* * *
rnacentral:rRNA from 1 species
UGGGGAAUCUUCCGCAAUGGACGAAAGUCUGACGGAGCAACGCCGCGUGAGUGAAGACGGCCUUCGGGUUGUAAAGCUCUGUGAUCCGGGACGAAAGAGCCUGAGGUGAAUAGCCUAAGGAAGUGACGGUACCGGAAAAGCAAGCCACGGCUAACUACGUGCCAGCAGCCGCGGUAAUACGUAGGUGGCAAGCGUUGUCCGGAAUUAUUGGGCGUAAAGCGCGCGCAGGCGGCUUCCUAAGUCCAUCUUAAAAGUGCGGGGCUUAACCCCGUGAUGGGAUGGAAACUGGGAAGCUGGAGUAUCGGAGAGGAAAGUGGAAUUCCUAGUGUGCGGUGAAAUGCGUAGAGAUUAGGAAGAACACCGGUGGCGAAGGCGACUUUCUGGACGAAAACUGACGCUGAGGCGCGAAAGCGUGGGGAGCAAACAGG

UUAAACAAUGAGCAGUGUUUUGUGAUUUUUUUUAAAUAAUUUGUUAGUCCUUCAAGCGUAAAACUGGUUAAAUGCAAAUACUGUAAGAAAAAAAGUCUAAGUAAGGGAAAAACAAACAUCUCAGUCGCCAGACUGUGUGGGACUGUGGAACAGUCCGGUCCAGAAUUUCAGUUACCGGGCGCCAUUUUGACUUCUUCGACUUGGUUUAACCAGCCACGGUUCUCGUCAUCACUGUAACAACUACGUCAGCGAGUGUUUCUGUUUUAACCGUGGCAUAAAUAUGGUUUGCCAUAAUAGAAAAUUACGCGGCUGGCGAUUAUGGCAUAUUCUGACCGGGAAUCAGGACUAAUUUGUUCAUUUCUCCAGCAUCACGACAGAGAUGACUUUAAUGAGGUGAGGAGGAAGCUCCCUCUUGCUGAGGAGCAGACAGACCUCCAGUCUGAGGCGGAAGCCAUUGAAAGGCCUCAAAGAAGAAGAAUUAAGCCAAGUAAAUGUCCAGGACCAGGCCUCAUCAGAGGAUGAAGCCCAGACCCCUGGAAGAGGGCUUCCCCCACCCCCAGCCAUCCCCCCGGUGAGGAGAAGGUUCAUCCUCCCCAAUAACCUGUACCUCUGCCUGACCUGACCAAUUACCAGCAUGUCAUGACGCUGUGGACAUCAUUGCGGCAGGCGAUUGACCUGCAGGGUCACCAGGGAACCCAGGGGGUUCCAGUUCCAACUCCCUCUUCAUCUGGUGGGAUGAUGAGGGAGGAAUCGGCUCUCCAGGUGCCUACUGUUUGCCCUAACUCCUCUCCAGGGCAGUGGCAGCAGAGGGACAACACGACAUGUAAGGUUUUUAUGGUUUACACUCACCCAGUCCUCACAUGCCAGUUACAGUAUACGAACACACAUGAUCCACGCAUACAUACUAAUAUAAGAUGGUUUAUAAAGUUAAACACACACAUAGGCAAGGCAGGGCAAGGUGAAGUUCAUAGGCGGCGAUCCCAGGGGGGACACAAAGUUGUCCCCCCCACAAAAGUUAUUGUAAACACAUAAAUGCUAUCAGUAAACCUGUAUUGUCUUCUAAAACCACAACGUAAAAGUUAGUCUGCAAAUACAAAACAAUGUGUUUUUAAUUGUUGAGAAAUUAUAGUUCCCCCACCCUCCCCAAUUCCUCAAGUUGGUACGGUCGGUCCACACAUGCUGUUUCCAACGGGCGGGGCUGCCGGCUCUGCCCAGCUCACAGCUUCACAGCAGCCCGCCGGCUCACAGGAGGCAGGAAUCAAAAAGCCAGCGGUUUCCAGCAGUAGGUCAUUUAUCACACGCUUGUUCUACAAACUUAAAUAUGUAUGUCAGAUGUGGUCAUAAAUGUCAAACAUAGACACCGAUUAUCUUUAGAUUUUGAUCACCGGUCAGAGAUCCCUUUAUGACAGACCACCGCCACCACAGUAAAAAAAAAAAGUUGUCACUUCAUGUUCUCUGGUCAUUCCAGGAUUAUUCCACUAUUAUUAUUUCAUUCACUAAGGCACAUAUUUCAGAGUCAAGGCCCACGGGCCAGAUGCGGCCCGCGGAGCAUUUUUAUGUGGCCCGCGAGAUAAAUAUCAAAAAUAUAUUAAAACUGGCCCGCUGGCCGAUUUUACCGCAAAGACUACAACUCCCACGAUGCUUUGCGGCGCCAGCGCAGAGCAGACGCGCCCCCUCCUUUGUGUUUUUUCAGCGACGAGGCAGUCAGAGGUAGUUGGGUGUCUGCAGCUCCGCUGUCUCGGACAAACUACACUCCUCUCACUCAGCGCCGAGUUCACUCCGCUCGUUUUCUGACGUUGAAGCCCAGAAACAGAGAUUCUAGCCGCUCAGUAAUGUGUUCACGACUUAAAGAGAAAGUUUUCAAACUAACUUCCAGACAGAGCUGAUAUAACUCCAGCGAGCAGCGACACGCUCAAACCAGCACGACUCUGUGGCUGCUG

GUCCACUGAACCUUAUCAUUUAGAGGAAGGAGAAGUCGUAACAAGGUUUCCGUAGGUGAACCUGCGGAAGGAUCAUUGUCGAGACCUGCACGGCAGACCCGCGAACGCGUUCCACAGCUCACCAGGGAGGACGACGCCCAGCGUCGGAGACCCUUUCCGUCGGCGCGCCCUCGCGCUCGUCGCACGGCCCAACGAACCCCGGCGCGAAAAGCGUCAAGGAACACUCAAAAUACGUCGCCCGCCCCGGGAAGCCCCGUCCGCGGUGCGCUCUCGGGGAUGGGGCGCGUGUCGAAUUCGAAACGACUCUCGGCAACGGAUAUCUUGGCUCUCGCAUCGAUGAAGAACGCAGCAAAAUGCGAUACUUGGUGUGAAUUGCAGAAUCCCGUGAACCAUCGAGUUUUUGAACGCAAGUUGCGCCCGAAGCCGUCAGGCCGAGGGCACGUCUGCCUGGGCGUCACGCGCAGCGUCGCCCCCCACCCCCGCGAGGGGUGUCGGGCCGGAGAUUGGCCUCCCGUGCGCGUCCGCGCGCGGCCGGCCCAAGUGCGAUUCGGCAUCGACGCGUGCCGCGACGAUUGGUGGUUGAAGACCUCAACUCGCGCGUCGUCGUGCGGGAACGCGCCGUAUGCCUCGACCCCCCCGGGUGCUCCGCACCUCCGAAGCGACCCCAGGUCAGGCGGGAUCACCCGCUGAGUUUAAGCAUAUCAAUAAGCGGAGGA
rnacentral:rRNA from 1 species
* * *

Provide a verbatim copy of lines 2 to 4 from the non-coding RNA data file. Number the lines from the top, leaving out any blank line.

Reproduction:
UGGGGAAUCUUCCGCAAUGGACGAAAGUCUGACGGAGCAACGCCGCGUGAGUGAAGACGGCCUUCGGGUUGUAAAGCUCUGUGAUCCGGGACGAAAGAGCCUGAGGUGAAUAGCCUAAGGAAGUGACGGUACCGGAAAAGCAAGCCACGGCUAACUACGUGCCAGCAGCCGCGGUAAUACGUAGGUGGCAAGCGUUGUCCGGAAUUAUUGGGCGUAAAGCGCGCGCAGGCGGCUUCCUAAGUCCAUCUUAAAAGUGCGGGGCUUAACCCCGUGAUGGGAUGGAAACUGGGAAGCUGGAGUAUCGGAGAGGAAAGUGGAAUUCCUAGUGUGCGGUGAAAUGCGUAGAGAUUAGGAAGAACACCGGUGGCGAAGGCGACUUUCUGGACGAAAACUGACGCUGAGGCGCGAAAGCGUGGGGAGCAAACAGG

UUAAACAAUGAGCAGUGUUUUGUGAUUUUUUUUAAAUAAUUUGUUAGUCCUUCAAGCGUAAAACUGGUUAAAUGCAAAUACUGUAAGAAAAAAAGUCUAAGUAAGGGAAAAACAAACAUCUCAGUCGCCAGACUGUGUGGGACUGUGGAACAGUCCGGUCCAGAAUUUCAGUUACCGGGCGCCAUUUUGACUUCUUCGACUUGGUUUAACCAGCCACGGUUCUCGUCAUCACUGUAACAACUACGUCAGCGAGUGUUUCUGUUUUAACCGUGGCAUAAAUAUGGUUUGCCAUAAUAGAAAAUUACGCGGCUGGCGAUUAUGGCAUAUUCUGACCGGGAAUCAGGACUAAUUUGUUCAUUUCUCCAGCAUCACGACAGAGAUGACUUUAAUGAGGUGAGGAGGAAGCUCCCUCUUGCUGAGGAGCAGACAGACCUCCAGUCUGAGGCGGAAGCCAUUGAAAGGCCUCAAAGAAGAAGAAUUAAGCCAAGUAAAUGUCCAGGACCAGGCCUCAUCAGAGGAUGAAGCCCAGACCCCUGGAAGAGGGCUUCCCCCACCCCCAGCCAUCCCCCCGGUGAGGAGAAGGUUCAUCCUCCCCAAUAACCUGUACCUCUGCCUGACCUGACCAAUUACCAGCAUGUCAUGACGCUGUGGACAUCAUUGCGGCAGGCGAUUGACCUGCAGGGUCACCAGGGAACCCAGGGGGUUCCAGUUCCAACUCCCUCUUCAUCUGGUGGGAUGAUGAGGGAGGAAUCGGCUCUCCAGGUGCCUACUGUUUGCCCUAACUCCUCUCCAGGGCAGUGGCAGCAGAGGGACAACACGACAUGUAAGGUUUUUAUGGUUUACACUCACCCAGUCCUCACAUGCCAGUUACAGUAUACGAACACACAUGAUCCACGCAUACAUACUAAUAUAAGAUGGUUUAUAAAGUUAAACACACACAUAGGCAAGGCAGGGCAAGGUGAAGUUCAUAGGCGGCGAUCCCAGGGGGGACACAAAGUUGUCCCCCCCACAAAAGUUAUUGUAAACACAUAAAUGCUAUCAGUAAACCUGUAUUGUCUUCUAAAACCACAACGUAAAAGUUAGUCUGCAAAUACAAAACAAUGUGUUUUUAAUUGUUGAGAAAUUAUAGUUCCCCCACCCUCCCCAAUUCCUCAAGUUGGUACGGUCGGUCCACACAUGCUGUUUCCAACGGGCGGGGCUGCCGGCUCUGCCCAGCUCACAGCUUCACAGCAGCCCGCCGGCUCACAGGAGGCAGGAAUCAAAAAGCCAGCGGUUUCCAGCAGUAGGUCAUUUAUCACACGCUUGUUCUACAAACUUAAAUAUGUAUGUCAGAUGUGGUCAUAAAUGUCAAACAUAGACACCGAUUAUCUUUAGAUUUUGAUCACCGGUCAGAGAUCCCUUUAUGACAGACCACCGCCACCACAGUAAAAAAAAAAAGUUGUCACUUCAUGUUCUCUGGUCAUUCCAGGAUUAUUCCACUAUUAUUAUUUCAUUCACUAAGGCACAUAUUUCAGAGUCAAGGCCCACGGGCCAGAUGCGGCCCGCGGAGCAUUUUUAUGUGGCCCGCGAGAUAAAUAUCAAAAAUAUAUUAAAACUGGCCCGCUGGCCGAUUUUACCGCAAAGACUACAACUCCCACGAUGCUUUGCGGCGCCAGCGCAGAGCAGACGCGCCCCCUCCUUUGUGUUUUUUCAGCGACGAGGCAGUCAGAGGUAGUUGGGUGUCUGCAGCUCCGCUGUCUCGGACAAACUACACUCCUCUCACUCAGCGCCGAGUUCACUCCGCUCGUUUUCUGACGUUGAAGCCCAGAAACAGAGAUUCUAGCCGCUCAGUAAUGUGUUCACGACUUAAAGAGAAAGUUUUCAAACUAACUUCCAGACAGAGCUGAUAUAACUCCAGCGAGCAGCGACACGCUCAAACCAGCACGACUCUGUGGCUGCUG

GUCCACUGAACCUUAUCAUUUAGAGGAAGGAGAAGUCGUAACAAGGUUUCCGUAGGUGAACCUGCGGAAGGAUCAUUGUCGAGACCUGCACGGCAGACCCGCGAACGCGUUCCACAGCUCACCAGGGAGGACGACGCCCAGCGUCGGAGACCCUUUCCGUCGGCGCGCCCUCGCGCUCGUCGCACGGCCCAACGAACCCCGGCGCGAAAAGCGUCAAGGAACACUCAAAAUACGUCGCCCGCCCCGGGAAGCCCCGUCCGCGGUGCGCUCUCGGGGAUGGGGCGCGUGUCGAAUUCGAAACGACUCUCGGCAACGGAUAUCUUGGCUCUCGCAUCGAUGAAGAACGCAGCAAAAUGCGAUACUUGGUGUGAAUUGCAGAAUCCCGUGAACCAUCGAGUUUUUGAACGCAAGUUGCGCCCGAAGCCGUCAGGCCGAGGGCACGUCUGCCUGGGCGUCACGCGCAGCGUCGCCCCCCACCCCCGCGAGGGGUGUCGGGCCGGAGAUUGGCCUCCCGUGCGCGUCCGCGCGCGGCCGGCCCAAGUGCGAUUCGGCAUCGACGCGUGCCGCGACGAUUGGUGGUUGAAGACCUCAACUCGCGCGUCGUCGUGCGGGAACGCGCCGUAUGCCUCGACCCCCCCGGGUGCUCCGCACCUCCGAAGCGACCCCAGGUCAGGCGGGAUCACCCGCUGAGUUUAAGCAUAUCAAUAAGCGGAGGA